When I was seventeen I had an interview for Cambridge University. I had been coerced into applying to study medicine there, which was, and as far as I was concerned, was always going to be, a disastrous choice. That’s another story and a long one for another time.
I was asked which medical practitioner I most admired. The response I gave was ‘Christiaan Barnard’, not because I was hugely enthusiastic about organ transplantation, let alone heart transplantation, but because I’d heard of him (like most people on the planet).
So far so good, but other questions followed, and I kept trying to disguise my complete absence of any real knowledge of the field of medicine by referencing everything back to Dr Barnard, though save his moment of pioneering surgery I could have told you nothing whatsoever about him. Dr Barnard could have performed the first heart transplant in Todmorden in 1852 for all I knew.
I became like Father Jack in the Father Ted episode where he answers, “That would be an ecumenical matter,” to every question put to him, simply because he’s learned it by rote.
For a few years afterwards (it goes without saying that the authorities at Cambridge decided they could press on without me) I believed that I might have stood a chance of gaining entry to the university if I had applied for a subject I was stronger at, and also interested in: namely English Literature.
I now consider myself to have been mistaken. Remembering my school days and A-level studies, I fancied myself to be educated, which in general is a sure sign of ignorance. True, I knew the course texts thoroughly and did a fair bit of extra-curricular reading, including a dozen or so Shakespeare plays and even some of his contemporaries. Arthur Miller’s plays I also digested, and I read well beyond the segment of Chaucer’s The Canterbury Tales that we would be examined on. Yet my leisure reading didn’t change from the awful diet of trash sci-fi and celebrity biographies that I now feel vaguely ashamed about for another few years, and I left most of the history of literature entirely untouched.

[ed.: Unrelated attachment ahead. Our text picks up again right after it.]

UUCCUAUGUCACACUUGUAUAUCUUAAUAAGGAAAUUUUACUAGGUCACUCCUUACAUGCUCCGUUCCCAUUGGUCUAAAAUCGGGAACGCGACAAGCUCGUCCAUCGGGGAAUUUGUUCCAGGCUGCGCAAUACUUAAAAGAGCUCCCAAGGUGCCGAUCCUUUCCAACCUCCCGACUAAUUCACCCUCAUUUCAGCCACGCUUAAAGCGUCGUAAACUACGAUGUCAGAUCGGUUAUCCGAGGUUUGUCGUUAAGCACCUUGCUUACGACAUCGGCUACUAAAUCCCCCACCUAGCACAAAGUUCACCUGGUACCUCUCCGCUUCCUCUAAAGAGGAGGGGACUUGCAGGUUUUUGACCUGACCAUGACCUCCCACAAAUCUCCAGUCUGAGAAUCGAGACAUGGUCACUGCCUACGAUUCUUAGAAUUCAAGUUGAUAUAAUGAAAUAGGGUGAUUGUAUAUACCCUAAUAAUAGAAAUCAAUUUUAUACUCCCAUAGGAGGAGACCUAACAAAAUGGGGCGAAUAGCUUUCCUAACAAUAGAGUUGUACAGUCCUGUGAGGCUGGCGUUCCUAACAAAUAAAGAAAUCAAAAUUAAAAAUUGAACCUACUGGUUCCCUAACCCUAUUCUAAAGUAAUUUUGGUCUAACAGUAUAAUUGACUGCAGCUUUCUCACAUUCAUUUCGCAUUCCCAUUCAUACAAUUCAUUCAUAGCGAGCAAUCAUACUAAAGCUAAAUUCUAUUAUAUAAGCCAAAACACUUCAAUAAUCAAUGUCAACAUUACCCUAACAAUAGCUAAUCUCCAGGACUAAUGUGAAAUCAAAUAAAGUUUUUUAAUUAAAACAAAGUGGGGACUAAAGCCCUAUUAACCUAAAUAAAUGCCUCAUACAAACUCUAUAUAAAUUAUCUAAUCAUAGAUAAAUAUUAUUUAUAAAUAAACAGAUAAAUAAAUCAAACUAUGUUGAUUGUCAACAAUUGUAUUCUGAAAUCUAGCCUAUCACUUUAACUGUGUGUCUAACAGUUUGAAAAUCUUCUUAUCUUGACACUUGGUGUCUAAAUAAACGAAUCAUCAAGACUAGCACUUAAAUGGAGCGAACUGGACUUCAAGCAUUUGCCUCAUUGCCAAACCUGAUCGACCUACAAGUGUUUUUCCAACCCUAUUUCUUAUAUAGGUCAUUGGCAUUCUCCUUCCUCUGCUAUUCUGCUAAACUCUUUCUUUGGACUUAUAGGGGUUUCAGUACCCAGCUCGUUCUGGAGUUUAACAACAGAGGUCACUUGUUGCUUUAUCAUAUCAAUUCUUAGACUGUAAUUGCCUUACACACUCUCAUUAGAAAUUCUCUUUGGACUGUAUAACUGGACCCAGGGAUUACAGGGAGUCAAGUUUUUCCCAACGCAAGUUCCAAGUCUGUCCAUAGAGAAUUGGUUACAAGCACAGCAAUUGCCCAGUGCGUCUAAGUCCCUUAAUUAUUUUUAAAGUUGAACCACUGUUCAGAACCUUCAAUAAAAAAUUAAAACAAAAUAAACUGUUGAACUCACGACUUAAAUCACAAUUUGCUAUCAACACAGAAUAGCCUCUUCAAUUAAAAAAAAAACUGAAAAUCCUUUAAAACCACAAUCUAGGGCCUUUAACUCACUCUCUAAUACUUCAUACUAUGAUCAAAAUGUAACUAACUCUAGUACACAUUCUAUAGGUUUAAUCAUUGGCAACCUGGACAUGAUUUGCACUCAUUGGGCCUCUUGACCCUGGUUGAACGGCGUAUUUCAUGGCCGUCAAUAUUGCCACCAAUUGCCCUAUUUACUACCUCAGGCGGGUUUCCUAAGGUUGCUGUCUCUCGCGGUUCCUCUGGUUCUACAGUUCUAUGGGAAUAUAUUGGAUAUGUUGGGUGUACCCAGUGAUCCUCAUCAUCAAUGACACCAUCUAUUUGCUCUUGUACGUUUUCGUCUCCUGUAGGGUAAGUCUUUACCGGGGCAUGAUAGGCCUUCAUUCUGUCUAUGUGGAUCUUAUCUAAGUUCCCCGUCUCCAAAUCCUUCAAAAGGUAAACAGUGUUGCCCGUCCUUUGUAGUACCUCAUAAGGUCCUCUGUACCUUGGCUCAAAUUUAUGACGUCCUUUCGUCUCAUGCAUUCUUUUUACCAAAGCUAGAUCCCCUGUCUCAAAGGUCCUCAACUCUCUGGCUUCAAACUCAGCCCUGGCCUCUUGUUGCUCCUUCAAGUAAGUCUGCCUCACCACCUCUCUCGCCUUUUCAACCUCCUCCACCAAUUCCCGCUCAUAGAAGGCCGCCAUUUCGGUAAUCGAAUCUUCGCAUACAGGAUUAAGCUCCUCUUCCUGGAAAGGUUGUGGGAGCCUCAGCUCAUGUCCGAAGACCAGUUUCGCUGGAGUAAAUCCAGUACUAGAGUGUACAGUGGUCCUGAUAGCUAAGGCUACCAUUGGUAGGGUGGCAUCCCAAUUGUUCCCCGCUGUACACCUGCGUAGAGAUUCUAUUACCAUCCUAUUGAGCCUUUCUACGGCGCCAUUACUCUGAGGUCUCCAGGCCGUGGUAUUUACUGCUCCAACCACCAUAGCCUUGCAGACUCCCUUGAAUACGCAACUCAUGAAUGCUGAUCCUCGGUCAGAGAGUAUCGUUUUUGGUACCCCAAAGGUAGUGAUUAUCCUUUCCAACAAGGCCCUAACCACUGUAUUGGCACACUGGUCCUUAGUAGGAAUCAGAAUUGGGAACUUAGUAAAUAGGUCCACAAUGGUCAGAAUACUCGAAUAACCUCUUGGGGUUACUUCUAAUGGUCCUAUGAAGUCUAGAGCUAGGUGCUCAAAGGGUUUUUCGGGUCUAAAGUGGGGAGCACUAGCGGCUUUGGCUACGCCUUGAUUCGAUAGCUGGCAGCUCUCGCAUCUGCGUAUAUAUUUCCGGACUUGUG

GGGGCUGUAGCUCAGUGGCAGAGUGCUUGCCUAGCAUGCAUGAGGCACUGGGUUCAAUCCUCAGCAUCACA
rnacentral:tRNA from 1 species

The point is that I left school with excellent grades and knew absolutely nothing. My knowledge was pitifully limited. I had no idea about anything. I had made the same mistake all too many people do of assuming my education happened at school, and what I didn’t learn at school no reasonable person could possibly expect me to know. I still hear this sentiment expressed fairly frequently, even amongst people of my own age group (who should know better).
“Of course I don’t know anything about Einstein’s life and work – we didn’t cover that at school.”
This is why I think that the education system gets it all wrong. It’s absurd to lump knowledge into arbitrary units that can be covered in a dozen or so core subjects. No wonder I left school highly qualified, deeply ignorant, and with virtually no knowledge about the world or my place in it. Almost everyone does. It’s the way the system is designed.
Wouldn’t it be a far better scheme to expose young people to lectures about subjects that might fire their minds? If guest tutors had come in to give talks on the history of organ transplantation, the revolution in physics caused by quantum mechanics, the life and work of Mark Twain, the simultaneous rise of satire and death of reverence in popular culture in the 1960s, the crossing of the Bering Strait by our human ancestors during the last ice age and the founding of the New World, the history of agriculture and the end of the nomadic lifestyle – to name but a few topics, such seminars would have fired my imagination and encouraged me to delve into subjects of my own volition.
Themes could stretch across all areas, and pupils would have to choose to attend six lectures per term out of a choice of twenty. The talks would last for no longer than an hour and be delivered in an exciting and engaging way by visiting university experts in the field who want to share their research and passion for their subject with young people.
Is this a good idea? Would it decrease ignorance? Would it help young people see the point in things, recognise their own strengths and weaknesses and broaden their horizons?
The problem I had with mathematics was that I could never decipher the language of it; and nor could I appreciate the application. Perhaps if the purpose of the subject had been explained along with basic usage I might have enjoyed a closer relationship to it?
I remain ashamed of my areas of glaring ignorance and try to increase my knowledge base, knowing that time is finite and I have to be selective over my choice of reading matter. Ignorance in others irritates me, especially when it is self-excused or worn as a badge of honour.
Knowledge isn’t just intrinsically important for its own sake: it’s our attitude towards knowledge that matters, as well as our attitude towards ignorance. Our ability to build on the achievements of former generations is what marks our species out from all others.
Knowledge is important for resisting the spread or acceptability of bad ideas: but that’s a whole other argument.